Conclusions: Li-ESWT ameliorates the bladder dysfunction and urinary continence in the DBD rat model, reflected in restoration of the nerve expression of the urethra and the vascularization of the bladder. Non-invasive Li-ESWT could be an alternative therapeutic option for DBD.

Int J Med Sci. 2021 Jan 29;18(6):1423-1431. doi: 10.7150/ijms.55274. eCollection 2021. PMID: 33628099. FREE ARTICLE

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Comments 1

Peter Alken on Wednesday, June 09 2021 08:15

The only objection I have to the study is that both, the induction of the diabetes and the ESWT were acute experiments not comparable to the development of diabetogenic effects seen in humans. The average life expectancy of a rat is 2 years. In other words, one rat year may be comparable to 35 human years. The duration of the whole experiment was 13 weeks and that of the diabetes induction was 6 weeks what could be translated to ~ 9 and 4 human years resp. Even this is a relatively short time. However, the model used in the experiments is well established.
Looking at data in a publication I may accept that 0 of 10 is 0% but I feel uncomfortable if like in the present study 8 of 9 and 7 of 12 are expressed as 88,9% and 58,3% resp. and are used to prove statistically significant differences. The control animals were also treated with Li-ESWT. I would expect control animals to be without any intervention.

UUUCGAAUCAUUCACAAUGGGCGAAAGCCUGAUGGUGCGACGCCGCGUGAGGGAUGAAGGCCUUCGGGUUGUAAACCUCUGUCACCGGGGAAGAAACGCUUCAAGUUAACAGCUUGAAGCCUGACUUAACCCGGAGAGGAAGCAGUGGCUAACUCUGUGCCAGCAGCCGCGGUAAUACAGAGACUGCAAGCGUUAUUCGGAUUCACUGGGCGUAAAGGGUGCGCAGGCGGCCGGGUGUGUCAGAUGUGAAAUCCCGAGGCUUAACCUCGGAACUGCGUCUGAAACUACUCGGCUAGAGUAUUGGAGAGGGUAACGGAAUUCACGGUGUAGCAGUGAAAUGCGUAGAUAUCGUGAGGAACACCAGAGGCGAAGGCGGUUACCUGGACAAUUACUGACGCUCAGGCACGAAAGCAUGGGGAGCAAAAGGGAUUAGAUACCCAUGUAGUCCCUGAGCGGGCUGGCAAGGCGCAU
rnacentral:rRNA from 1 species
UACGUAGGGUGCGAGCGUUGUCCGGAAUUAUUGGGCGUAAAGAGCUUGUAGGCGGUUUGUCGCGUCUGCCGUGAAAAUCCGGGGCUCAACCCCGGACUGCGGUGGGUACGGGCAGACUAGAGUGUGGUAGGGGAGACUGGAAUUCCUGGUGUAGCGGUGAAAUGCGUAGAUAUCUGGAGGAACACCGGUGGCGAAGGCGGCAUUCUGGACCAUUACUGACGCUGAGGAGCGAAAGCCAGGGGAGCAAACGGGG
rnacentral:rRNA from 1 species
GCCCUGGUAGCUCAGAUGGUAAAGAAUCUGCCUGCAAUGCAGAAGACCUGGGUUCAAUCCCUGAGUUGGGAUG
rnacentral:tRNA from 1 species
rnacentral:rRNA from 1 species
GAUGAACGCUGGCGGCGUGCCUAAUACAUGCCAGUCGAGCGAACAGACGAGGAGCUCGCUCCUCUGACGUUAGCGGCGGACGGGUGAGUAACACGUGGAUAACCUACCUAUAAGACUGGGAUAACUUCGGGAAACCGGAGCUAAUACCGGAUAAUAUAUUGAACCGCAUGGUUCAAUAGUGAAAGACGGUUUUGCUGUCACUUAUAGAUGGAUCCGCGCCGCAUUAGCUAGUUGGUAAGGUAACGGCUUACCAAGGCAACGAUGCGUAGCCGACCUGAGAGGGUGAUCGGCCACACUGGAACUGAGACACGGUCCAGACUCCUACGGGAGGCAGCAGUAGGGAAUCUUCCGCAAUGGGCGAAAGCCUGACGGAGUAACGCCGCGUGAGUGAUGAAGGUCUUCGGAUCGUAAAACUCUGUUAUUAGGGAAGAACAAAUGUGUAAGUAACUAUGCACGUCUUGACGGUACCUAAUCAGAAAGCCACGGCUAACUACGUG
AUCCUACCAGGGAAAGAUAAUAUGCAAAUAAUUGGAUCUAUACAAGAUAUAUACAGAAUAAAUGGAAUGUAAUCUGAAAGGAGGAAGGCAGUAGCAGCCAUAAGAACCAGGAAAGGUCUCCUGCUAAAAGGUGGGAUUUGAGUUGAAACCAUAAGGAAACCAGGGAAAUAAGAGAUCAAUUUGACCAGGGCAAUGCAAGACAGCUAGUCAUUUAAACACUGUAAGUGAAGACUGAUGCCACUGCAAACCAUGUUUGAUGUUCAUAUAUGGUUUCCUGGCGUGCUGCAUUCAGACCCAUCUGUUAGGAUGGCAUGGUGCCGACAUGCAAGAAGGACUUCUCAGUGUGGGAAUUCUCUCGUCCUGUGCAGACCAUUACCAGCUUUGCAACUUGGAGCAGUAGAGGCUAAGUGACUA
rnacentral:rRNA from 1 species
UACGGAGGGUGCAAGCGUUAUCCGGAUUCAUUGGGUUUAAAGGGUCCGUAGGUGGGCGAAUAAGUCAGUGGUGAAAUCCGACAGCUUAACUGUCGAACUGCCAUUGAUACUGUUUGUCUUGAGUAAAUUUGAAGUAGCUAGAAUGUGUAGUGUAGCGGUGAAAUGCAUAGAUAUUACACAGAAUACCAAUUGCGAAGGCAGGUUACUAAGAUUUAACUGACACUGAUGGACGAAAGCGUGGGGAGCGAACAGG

A conclusion can be drawn when clinical application hopefully confirms that “Non-invasive Li-ESWT could be an alternative therapeutic option for DBD.”

Peter Alken

The only objection I have to the study is that both, the induction of the diabetes and the ESWT were acute experiments not comparable to the development of diabetogenic effects seen in humans. The average life expectancy of a rat is 2 years. In other words, one rat year may be comparable to 35 human years. The duration of the whole experiment was 13 weeks and that of the diabetes induction was 6 weeks what could be translated to ~ 9 and 4 human years resp. Even this is a relatively short time. However, the model used in the experiments is well established. Looking at data in a publication I may accept that 0 of 10 is 0% but I feel uncomfortable if like in the present study 8 of 9 and 7 of 12 are expressed as 88,9% and 58,3% resp. and are used to prove statistically significant differences. The control animals were also treated with Li-ESWT. I would expect control animals to be without any intervention. A conclusion can be drawn when clinical application hopefully confirms that “Non-invasive Li-ESWT could be an alternative therapeutic option for DBD.” Peter Alken
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Saturday, June 19 2021